averaging $425 per month to persons with disabilities and the 
elderly poor. Statement by John J. Callahan, supra, Note 1.

5. Stephen Green, Panel Eases Welfare Ban For Immigrants, Senate 
Plan Would Grant Medicaid Benefits to Children, The San Diego 
Union-Tribune (June 20, 1997).

6. PRWOR, Section 402(b)(I).

7. Celia W. Dagger, U.S. Says Mental Impairment Might Be a Bar to 
Citizenship, The New York Times (March 19, 1997).

8. PRWOR,  Section 403(a).

9. The PRWOR exempts certain immigrant groups from the exclusion 
from benefits: (I) refugees and asylees during their first five 
years in the United States; (ii) lawful permanent residents who 
have worked in the United States for approximately 10 years (40 
qualifying quarters as defined in the Social Security Act), 
provided they have not received any Federal means-tested public 
benefit with respect to any
qualifying quarter after December 31, 1996; and (iii) veterans 
and persons on active duty in the armed services and their 
spouses and dependents. PRWOR, Section 402(a)(2); 402(b)(2); 
403(b).

10.  Statement by John J. Callahan, supra, Note 1.

11. Molly Peterson, ISSUE FOCUS:  GOP Mulls Aid to Legal 
Immigrants As Welfare Deadlines Near,  Copyright _ 1997 
Legi-Slate, Inc. (April 14, 1997).

12. New INS Rules Could Waive Civics Tests for Thousands -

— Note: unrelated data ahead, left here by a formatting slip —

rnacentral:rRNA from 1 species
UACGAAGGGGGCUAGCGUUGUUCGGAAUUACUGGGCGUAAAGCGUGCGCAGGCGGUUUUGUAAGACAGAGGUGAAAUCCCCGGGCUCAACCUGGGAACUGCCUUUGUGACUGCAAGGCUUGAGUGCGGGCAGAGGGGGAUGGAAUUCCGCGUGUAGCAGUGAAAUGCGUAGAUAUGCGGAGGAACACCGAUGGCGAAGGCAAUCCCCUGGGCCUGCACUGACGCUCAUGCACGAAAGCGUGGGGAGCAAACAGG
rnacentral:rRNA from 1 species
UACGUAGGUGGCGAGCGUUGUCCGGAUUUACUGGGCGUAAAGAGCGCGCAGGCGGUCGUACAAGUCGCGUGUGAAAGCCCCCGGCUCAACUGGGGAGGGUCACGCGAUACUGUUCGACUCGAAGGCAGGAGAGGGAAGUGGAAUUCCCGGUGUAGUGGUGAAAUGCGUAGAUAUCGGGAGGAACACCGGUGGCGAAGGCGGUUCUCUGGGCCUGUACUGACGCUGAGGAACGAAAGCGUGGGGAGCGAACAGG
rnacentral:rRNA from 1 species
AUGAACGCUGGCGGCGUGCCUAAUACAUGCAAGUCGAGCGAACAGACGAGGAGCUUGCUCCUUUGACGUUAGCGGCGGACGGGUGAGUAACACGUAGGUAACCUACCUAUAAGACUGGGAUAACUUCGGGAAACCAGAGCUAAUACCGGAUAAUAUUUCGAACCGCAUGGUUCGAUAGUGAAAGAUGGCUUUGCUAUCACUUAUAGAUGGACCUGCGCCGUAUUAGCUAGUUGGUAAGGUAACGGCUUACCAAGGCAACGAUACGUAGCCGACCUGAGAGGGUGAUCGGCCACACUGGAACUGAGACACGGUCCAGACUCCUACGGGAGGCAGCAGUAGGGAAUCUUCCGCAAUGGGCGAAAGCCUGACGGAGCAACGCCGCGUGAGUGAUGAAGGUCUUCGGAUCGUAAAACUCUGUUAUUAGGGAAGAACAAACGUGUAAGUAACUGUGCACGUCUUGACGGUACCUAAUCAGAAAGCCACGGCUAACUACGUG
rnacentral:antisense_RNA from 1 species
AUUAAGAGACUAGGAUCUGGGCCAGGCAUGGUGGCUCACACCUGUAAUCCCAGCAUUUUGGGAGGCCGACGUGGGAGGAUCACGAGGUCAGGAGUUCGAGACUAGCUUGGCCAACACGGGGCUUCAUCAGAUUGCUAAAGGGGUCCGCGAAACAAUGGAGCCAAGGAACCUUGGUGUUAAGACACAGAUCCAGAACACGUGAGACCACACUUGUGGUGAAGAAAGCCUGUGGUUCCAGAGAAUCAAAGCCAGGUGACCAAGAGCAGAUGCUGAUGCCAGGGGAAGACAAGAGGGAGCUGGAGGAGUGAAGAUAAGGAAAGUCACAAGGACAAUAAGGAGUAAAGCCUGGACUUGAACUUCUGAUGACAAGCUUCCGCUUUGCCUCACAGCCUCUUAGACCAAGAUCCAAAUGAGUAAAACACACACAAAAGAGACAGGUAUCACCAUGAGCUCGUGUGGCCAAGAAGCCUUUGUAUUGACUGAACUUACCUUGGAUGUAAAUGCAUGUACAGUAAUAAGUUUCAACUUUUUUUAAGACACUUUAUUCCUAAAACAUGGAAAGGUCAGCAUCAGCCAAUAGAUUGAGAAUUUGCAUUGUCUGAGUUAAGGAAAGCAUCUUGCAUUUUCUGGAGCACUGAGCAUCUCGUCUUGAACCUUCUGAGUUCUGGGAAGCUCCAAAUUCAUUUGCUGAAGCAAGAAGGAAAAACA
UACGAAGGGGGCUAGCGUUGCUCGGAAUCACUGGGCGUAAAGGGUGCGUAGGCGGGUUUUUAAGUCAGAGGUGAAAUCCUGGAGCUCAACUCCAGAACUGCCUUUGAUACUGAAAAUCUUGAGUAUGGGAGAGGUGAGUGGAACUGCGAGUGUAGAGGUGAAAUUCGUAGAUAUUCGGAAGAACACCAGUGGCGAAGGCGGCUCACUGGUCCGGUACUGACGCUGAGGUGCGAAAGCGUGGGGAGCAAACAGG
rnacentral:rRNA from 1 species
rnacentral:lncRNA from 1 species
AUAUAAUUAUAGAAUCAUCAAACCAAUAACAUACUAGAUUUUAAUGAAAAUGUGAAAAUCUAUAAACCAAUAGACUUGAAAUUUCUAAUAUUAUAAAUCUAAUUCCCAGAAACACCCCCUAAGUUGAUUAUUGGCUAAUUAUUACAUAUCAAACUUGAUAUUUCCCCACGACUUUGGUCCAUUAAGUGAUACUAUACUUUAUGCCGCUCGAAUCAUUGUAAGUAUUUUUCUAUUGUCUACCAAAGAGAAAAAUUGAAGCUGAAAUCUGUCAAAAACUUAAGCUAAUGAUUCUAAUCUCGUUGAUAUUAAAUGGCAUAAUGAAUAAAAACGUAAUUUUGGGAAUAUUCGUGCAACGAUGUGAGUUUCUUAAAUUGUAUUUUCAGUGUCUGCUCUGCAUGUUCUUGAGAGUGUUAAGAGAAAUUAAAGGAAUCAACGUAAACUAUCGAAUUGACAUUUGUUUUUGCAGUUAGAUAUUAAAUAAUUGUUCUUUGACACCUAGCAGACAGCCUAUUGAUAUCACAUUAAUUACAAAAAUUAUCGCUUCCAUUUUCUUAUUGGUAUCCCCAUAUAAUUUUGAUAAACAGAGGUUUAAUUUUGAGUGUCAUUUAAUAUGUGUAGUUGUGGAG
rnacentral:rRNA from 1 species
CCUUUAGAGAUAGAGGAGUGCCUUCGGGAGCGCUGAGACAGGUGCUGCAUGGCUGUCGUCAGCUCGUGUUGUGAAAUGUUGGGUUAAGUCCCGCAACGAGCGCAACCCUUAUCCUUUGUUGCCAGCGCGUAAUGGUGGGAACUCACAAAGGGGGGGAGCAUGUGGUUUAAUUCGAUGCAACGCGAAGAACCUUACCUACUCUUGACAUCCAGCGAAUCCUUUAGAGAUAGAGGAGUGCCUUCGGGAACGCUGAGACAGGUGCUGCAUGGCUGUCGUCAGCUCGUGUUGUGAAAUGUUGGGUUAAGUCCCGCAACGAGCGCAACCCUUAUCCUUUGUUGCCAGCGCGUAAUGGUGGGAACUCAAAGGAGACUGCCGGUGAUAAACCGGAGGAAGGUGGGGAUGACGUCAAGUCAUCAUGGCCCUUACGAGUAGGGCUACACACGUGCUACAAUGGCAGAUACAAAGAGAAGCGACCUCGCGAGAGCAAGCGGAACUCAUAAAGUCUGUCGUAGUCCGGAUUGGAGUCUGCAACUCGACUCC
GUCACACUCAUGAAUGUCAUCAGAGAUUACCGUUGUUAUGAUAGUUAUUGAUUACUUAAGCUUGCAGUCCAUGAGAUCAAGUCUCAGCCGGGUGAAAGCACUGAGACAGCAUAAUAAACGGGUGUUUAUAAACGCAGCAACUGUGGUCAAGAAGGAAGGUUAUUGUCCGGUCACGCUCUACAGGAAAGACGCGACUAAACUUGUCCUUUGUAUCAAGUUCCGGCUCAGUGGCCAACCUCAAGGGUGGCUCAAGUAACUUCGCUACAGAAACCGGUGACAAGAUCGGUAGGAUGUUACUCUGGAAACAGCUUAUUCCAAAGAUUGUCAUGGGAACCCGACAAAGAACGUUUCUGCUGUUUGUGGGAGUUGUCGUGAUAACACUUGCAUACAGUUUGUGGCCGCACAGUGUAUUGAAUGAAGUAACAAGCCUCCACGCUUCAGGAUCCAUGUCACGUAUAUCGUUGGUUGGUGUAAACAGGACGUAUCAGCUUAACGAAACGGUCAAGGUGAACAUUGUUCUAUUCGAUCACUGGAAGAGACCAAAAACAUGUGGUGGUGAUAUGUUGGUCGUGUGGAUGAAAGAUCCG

300,000 Facing Aid Cutoff May Be Helped, The Washington Post 
(March 19, 1997).

13. Dagger, supra., Note 7. 

14. Immigration and Nationality Technical Corrections Act of 
1994, Section 312.

15. Id.  

16. U.S. Department of Justice, Immigration and Naturalization 
Service Fact Sheet, Exceptions from English and Civics Testing 
Requirements For Naturalization Applicants With Disabilities 
(March 19, 1997).  

17. H.R. 1239, 105th Cong., 1st Sess. (April 8, 1997);  H.R. 
1133, 105th Cong, 1st Session, 1-2 (1997).

18. H.R. 660, 105th Cong., 1st Session,  1 (1997);  H.R. 1360, 
105th Cong., 1st Session,  1 (1997).

19. H.R. 660, 105th Cong., 1st Session,  1 (1997).

1. Lawrence M. O'Rourke, Deal on Balanced Budget; 5-Year Plan 
Hailed by Both Clinton, GOP as a Victory, Sacramento Bee, May 3, 
1997 at A1.

2. Approximately 75,000 fewer immigrants would receive benefits 
by 2002 under the Committee's plan than under the bipartisan 
budget accord.  Letter dated June 5, 1997 from Franklin D. 
Raines, Director, Office of Management and Budget, to 
Representative E. Clay Shaw, Jr., Chairman, Subcommittee on Human 
Resources, Committee on Ways and Means.  The Committee's bill was 
opposed by advocacy groups for seniors as well as disability 
advocates.  Statement of Congressman Sander Levin on Restoring 
Benefits to Legal Immigrants, June 16, 1997; Letter of James 
Firman, Chair of the Leadership Council of Aging Organizations 
dated June 6, 1997; Restoring SSI Eligibility to All Legal 
Immigrants, Statement of the American Association of Homes and 
Services for the Aging. (June 16, 1997).

3. House GOP Retreats on Medicare, Welfare in Budget Legislation, 
Associated Press, Saturday, June 21, 1997.

4. Letter from Franklin D. Raines, supra., Note 21.

5. Green, supra., Note 5.

6. House GOP Retreats on Medicare, supra., Note 22.